Meanwhile, according to the abstract of the article accompanying the research, published Nov. 8 in the Journal of Attention Disorders, “Users with ADHD are found to be less agreeable, more open, to post more often, and to use more negations, hedging, and swear words. Posts are suggestive of themes of emotional dysregulation, self-criticism, substance abuse, and exhaustion.” It seems to me the way these results have been reported is liable to reify negative stereotypes associated with ADHD. 

ADHD: not ‘one-size-fits-all’

I commend anyone wishing to shed light on ADHD, which after all is still arcane to most people who neither live with it or know someone who does. Also, for the record, I’m well aware of the inherent value of the internet, and social media, in particular, having minored in communication studies as an undergrad at the University of Oregon.

Even so, this research is misguided. It assumes there is one, and only one, kind of life ADHDers live, regardless of gender identity, socioeconomic status, race, etc. 

True, some health outcomes are more likely for people with ADHD. Depression, eating disorders, and self-injury are among a slew of comorbidities, or co-occurring conditions, in ADHD women, for instance. But therein lies the salient point: These aspects are common in ADHD women, specifically. As Devon Frye notes in a blog post on ADDitude, “men with ADHD are more likely to have substance-abuse problems while women with ADHD are more likely to have personality or mood disorders.”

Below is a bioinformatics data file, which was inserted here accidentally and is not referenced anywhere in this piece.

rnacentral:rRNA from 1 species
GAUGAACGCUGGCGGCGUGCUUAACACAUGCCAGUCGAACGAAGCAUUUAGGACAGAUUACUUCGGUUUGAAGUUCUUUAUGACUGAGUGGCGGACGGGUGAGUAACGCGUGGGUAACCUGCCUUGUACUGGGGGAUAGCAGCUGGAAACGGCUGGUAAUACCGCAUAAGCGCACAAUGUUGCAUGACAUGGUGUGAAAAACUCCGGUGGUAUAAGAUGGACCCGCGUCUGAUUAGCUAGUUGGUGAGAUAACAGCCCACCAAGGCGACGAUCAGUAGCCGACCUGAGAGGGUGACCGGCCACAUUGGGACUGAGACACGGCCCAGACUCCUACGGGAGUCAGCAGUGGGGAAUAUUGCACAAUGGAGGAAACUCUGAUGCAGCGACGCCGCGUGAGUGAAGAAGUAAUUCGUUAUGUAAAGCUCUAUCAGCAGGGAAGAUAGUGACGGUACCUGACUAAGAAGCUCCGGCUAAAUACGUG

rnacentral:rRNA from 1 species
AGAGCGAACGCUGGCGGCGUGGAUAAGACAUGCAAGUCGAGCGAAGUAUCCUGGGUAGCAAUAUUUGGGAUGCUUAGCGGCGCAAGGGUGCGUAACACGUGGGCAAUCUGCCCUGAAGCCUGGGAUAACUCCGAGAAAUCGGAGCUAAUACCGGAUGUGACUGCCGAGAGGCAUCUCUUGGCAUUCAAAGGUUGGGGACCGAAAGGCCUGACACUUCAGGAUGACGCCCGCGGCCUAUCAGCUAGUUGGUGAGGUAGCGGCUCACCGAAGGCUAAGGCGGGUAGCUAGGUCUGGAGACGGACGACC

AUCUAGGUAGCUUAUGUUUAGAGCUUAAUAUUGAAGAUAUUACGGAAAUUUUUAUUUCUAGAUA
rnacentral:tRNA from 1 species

Thinking outside the ADHD box

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Far from demarginalizing ADHDers, the reasoning driving this research homogenizes the ADHD experience. I love the idea of a group of researchers at an Ivy-League institution setting out to make things easier for people who may have ADHD. This is especially so because Ungar has said while ADHD is less well studied than conditions like depression, “Understanding the components that people have or don’t have, the range of coping mechanisms that people use all leads to a better understanding of the condition.”

What we really need